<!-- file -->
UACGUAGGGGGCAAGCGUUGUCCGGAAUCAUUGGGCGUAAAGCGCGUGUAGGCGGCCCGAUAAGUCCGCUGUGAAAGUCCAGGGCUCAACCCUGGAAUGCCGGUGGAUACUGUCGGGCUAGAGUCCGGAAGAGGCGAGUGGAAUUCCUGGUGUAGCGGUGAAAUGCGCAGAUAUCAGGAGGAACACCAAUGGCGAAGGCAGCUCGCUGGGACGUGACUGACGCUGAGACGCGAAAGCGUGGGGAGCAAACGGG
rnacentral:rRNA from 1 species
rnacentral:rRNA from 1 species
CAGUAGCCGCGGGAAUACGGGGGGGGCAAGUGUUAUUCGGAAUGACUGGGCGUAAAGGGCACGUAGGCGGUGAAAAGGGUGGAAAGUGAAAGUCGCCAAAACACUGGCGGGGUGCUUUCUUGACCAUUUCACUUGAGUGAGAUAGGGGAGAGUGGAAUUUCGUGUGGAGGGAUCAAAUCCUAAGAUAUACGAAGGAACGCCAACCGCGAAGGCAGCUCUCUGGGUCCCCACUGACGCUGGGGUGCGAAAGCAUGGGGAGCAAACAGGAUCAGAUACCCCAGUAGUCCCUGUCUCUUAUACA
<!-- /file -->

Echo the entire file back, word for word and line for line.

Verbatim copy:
UACGUAGGGGGCAAGCGUUGUCCGGAAUCAUUGGGCGUAAAGCGCGUGUAGGCGGCCCGAUAAGUCCGCUGUGAAAGUCCAGGGCUCAACCCUGGAAUGCCGGUGGAUACUGUCGGGCUAGAGUCCGGAAGAGGCGAGUGGAAUUCCUGGUGUAGCGGUGAAAUGCGCAGAUAUCAGGAGGAACACCAAUGGCGAAGGCAGCUCGCUGGGACGUGACUGACGCUGAGACGCGAAAGCGUGGGGAGCAAACGGG
rnacentral:rRNA from 1 species
rnacentral:rRNA from 1 species
CAGUAGCCGCGGGAAUACGGGGGGGGCAAGUGUUAUUCGGAAUGACUGGGCGUAAAGGGCACGUAGGCGGUGAAAAGGGUGGAAAGUGAAAGUCGCCAAAACACUGGCGGGGUGCUUUCUUGACCAUUUCACUUGAGUGAGAUAGGGGAGAGUGGAAUUUCGUGUGGAGGGAUCAAAUCCUAAGAUAUACGAAGGAACGCCAACCGCGAAGGCAGCUCUCUGGGUCCCCACUGACGCUGGGGUGCGAAAGCAUGGGGAGCAAACAGGAUCAGAUACCCCAGUAGUCCCUGUCUCUUAUACA